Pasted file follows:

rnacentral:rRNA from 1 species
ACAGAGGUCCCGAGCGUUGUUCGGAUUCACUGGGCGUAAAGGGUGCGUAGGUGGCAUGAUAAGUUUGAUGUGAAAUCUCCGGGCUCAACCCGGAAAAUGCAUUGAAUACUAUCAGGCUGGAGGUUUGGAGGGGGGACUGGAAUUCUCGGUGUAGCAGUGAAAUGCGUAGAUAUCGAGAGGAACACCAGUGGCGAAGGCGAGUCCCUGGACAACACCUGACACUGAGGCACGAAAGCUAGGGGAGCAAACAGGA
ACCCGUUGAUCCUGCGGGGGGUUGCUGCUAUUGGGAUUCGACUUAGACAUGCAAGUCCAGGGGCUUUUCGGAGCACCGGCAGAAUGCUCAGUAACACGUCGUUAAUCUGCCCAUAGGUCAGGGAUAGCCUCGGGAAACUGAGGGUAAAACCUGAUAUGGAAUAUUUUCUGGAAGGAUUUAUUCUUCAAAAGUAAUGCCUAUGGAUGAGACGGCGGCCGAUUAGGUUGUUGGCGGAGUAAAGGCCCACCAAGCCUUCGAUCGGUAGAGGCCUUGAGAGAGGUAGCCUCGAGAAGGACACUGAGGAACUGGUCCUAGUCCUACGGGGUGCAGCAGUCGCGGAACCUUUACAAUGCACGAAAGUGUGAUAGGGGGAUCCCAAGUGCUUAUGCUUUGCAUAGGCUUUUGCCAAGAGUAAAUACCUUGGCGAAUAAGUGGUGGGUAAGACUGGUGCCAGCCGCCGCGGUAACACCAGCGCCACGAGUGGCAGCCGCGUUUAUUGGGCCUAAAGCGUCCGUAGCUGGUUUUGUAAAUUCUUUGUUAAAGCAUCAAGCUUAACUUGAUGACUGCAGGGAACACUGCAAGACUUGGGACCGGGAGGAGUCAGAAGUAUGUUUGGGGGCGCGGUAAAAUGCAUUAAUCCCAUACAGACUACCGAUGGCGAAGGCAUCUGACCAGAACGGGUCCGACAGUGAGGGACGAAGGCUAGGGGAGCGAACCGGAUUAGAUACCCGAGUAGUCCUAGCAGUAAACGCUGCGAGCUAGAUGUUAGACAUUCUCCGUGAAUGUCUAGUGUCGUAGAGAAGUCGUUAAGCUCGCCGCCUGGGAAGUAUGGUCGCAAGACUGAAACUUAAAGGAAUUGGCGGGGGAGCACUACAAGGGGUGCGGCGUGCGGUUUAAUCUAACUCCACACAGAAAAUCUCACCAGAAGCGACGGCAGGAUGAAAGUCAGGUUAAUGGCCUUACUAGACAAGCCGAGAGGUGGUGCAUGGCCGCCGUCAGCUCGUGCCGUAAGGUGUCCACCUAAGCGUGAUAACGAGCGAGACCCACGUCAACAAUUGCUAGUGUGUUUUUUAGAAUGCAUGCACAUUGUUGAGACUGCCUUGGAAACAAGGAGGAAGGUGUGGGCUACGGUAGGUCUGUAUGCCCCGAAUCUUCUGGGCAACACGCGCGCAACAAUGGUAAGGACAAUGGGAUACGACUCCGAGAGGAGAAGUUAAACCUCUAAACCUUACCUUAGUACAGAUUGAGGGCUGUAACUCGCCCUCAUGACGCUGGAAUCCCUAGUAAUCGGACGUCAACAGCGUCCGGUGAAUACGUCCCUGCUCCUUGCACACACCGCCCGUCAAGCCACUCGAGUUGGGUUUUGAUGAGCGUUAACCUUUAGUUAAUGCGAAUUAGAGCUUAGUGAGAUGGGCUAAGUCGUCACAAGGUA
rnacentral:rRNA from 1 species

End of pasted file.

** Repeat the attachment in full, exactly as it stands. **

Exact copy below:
rnacentral:rRNA from 1 species
ACAGAGGUCCCGAGCGUUGUUCGGAUUCACUGGGCGUAAAGGGUGCGUAGGUGGCAUGAUAAGUUUGAUGUGAAAUCUCCGGGCUCAACCCGGAAAAUGCAUUGAAUACUAUCAGGCUGGAGGUUUGGAGGGGGGACUGGAAUUCUCGGUGUAGCAGUGAAAUGCGUAGAUAUCGAGAGGAACACCAGUGGCGAAGGCGAGUCCCUGGACAACACCUGACACUGAGGCACGAAAGCUAGGGGAGCAAACAGGA
ACCCGUUGAUCCUGCGGGGGGUUGCUGCUAUUGGGAUUCGACUUAGACAUGCAAGUCCAGGGGCUUUUCGGAGCACCGGCAGAAUGCUCAGUAACACGUCGUUAAUCUGCCCAUAGGUCAGGGAUAGCCUCGGGAAACUGAGGGUAAAACCUGAUAUGGAAUAUUUUCUGGAAGGAUUUAUUCUUCAAAAGUAAUGCCUAUGGAUGAGACGGCGGCCGAUUAGGUUGUUGGCGGAGUAAAGGCCCACCAAGCCUUCGAUCGGUAGAGGCCUUGAGAGAGGUAGCCUCGAGAAGGACACUGAGGAACUGGUCCUAGUCCUACGGGGUGCAGCAGUCGCGGAACCUUUACAAUGCACGAAAGUGUGAUAGGGGGAUCCCAAGUGCUUAUGCUUUGCAUAGGCUUUUGCCAAGAGUAAAUACCUUGGCGAAUAAGUGGUGGGUAAGACUGGUGCCAGCCGCCGCGGUAACACCAGCGCCACGAGUGGCAGCCGCGUUUAUUGGGCCUAAAGCGUCCGUAGCUGGUUUUGUAAAUUCUUUGUUAAAGCAUCAAGCUUAACUUGAUGACUGCAGGGAACACUGCAAGACUUGGGACCGGGAGGAGUCAGAAGUAUGUUUGGGGGCGCGGUAAAAUGCAUUAAUCCCAUACAGACUACCGAUGGCGAAGGCAUCUGACCAGAACGGGUCCGACAGUGAGGGACGAAGGCUAGGGGAGCGAACCGGAUUAGAUACCCGAGUAGUCCUAGCAGUAAACGCUGCGAGCUAGAUGUUAGACAUUCUCCGUGAAUGUCUAGUGUCGUAGAGAAGUCGUUAAGCUCGCCGCCUGGGAAGUAUGGUCGCAAGACUGAAACUUAAAGGAAUUGGCGGGGGAGCACUACAAGGGGUGCGGCGUGCGGUUUAAUCUAACUCCACACAGAAAAUCUCACCAGAAGCGACGGCAGGAUGAAAGUCAGGUUAAUGGCCUUACUAGACAAGCCGAGAGGUGGUGCAUGGCCGCCGUCAGCUCGUGCCGUAAGGUGUCCACCUAAGCGUGAUAACGAGCGAGACCCACGUCAACAAUUGCUAGUGUGUUUUUUAGAAUGCAUGCACAUUGUUGAGACUGCCUUGGAAACAAGGAGGAAGGUGUGGGCUACGGUAGGUCUGUAUGCCCCGAAUCUUCUGGGCAACACGCGCGCAACAAUGGUAAGGACAAUGGGAUACGACUCCGAGAGGAGAAGUUAAACCUCUAAACCUUACCUUAGUACAGAUUGAGGGCUGUAACUCGCCCUCAUGACGCUGGAAUCCCUAGUAAUCGGACGUCAACAGCGUCCGGUGAAUACGUCCCUGCUCCUUGCACACACCGCCCGUCAAGCCACUCGAGUUGGGUUUUGAUGAGCGUUAACCUUUAGUUAAUGCGAAUUAGAGCUUAGUGAGAUGGGCUAAGUCGUCACAAGGUA
rnacentral:rRNA from 1 species